• Dividend Income Not Spendable – Dividend income investors mostly invest in dividend stocks for the passive incomes it provides. However, when cash dividends are reinvested, the money is tied up into shares rather than deposited into a bank account. While investors can always sell their shares to access capital, this can incur losses due to share price volatility and trading fees.
  • Can Buy Overvalued Shares – Dividend reinvestment occurs on the day dividends are paid by companies. However, if a stock is overvalued when dividends are being paid, investors may overpay for a stock bringing the average cost basis up and potentially destroying wealth in the process.
  • Adversely Affects Diversification – Because dividends are reinvested back into the companies that paid them, this capital can’t be used to further diversify an investment portfolio into new positions.
  • Creates Portfolio Concentration – Reinvesting capital back into an income stock will slowly increase the size of a position within an investment portfolio. This may disrupt the balance and result in a portfolio’s risk profile exceeding the investor’s risk tolerance.

What is a dividend reinvestment plan (DRIPs)?

A dividend reinvestment plan, or DRIP, is a programme initiated by some, but not all, companies. It allows investors to reinvest their cash dividends to buy additional stocks of the company automatically. However, there are a few key differences compared to regular automatic reinvestment.

  • DRIPs don’t require a broker to eliminate any potential brokerage fee.
  • Allows for the purchase of fractional shares.
  • Some companies allow shares to be repurchased at discounted prices compared to the market.

The bottom line 

Albert Einstein once said, “Compound interest is the eighth wonder of the world. He who understands it earns it, and he who doesn’t pays it”.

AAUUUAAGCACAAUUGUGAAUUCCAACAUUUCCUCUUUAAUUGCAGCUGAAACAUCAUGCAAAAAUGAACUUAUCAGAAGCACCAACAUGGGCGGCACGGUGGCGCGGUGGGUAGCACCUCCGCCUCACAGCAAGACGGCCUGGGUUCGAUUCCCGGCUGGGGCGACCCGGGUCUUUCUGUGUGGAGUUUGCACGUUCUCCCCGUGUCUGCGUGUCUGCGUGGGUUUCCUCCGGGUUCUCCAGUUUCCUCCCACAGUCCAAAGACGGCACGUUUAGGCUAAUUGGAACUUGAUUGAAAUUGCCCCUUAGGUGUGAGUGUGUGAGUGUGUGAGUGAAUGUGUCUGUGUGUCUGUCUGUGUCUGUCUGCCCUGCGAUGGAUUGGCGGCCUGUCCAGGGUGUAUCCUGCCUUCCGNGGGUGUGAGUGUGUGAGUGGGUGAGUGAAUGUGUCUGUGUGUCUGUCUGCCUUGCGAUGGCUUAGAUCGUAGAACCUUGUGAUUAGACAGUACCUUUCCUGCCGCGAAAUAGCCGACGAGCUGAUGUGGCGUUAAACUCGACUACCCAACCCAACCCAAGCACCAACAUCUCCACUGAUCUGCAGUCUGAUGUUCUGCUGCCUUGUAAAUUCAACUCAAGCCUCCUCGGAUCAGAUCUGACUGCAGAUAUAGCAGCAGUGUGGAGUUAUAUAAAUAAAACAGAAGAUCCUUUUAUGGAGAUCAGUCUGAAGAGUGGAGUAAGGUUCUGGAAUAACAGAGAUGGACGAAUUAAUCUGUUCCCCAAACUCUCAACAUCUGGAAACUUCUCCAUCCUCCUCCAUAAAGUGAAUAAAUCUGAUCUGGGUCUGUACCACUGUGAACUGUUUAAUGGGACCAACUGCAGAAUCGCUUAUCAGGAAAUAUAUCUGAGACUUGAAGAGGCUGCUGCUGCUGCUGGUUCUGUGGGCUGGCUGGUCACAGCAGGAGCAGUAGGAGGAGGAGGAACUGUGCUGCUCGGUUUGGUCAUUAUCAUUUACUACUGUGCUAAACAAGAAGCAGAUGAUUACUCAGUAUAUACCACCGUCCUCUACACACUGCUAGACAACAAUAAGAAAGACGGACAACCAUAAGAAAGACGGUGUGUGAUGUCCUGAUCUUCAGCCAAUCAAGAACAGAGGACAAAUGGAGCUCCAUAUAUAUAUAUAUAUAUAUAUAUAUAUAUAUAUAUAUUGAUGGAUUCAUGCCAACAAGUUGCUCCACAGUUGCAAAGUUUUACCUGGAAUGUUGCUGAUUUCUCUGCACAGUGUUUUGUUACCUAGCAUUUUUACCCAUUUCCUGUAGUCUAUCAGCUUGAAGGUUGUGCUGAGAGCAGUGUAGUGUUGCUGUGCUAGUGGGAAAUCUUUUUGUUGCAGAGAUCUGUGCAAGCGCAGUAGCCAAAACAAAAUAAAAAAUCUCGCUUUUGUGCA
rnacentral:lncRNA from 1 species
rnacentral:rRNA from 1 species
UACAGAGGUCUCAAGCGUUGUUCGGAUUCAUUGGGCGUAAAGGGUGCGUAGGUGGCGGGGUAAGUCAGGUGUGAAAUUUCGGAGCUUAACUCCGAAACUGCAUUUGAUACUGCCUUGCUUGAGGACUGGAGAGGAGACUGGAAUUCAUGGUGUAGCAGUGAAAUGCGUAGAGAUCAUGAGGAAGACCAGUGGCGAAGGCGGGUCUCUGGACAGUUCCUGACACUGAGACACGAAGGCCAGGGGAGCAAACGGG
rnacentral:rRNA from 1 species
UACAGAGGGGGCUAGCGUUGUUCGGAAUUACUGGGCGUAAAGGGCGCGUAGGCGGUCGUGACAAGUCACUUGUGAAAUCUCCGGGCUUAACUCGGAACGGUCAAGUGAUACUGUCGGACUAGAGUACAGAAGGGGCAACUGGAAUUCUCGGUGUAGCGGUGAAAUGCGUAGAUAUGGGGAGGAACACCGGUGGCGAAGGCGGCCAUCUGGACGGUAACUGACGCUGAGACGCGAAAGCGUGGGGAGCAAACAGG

This could be said of reinvested dividends. It could have such a powerful force on an investor’s portfolio. Aside from the capital appreciation, an investor could use it to acquire additional shares of a company over time without committing additional funds to it.

So is reinvesting dividends a good idea? It all depends on the investor’s goals. Someone with a long time horizon is more likely to be able to afford to live without taking the cash from dividends. But another individual in retirement may need the money to help cover living expenses.

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This article contains general educational information only. It does not take into account the personal financial situation of the reader. Tax treatment is dependent on individual circumstances that may change in the future, and this article does not constitute any form of tax advice. Before committing to any investment decision, an investor must consider their individual financial circumstances and reach out to an independent financial advisor if necessary.

Written By

Prosper Ambaka, Esq.

Prosper is a self-taught financial analyst and investor with years of experience. Inspired by Benjamin Graham, he employs a value-investing school of thought throughout his analyses. This has led to Prosper developing a wealth of knowledge in equities, foreign exchange, commodities, and global macroeconomic issues.

In 2019, he completed his Law degree and was called to the Nigerian Bar in 2021. Outside The Money Cog, Prosper encourages others to join the investment community through his lectures on financial literacy as well as investing strategies.

Current Holdings


Edited & Fact Checked By
Zaven Boyrazian MSc

Zaven has worked in several industries throughout his career, from aircraft factories to game development studios. He has been actively investing in the stock market for the better part of a decade, managing over $1 million across multiple portfolios.

Specializing in corporate valuation, Zaven employs a modern take on the principles set out by Benjamin Graham to find new opportunities at fair prices.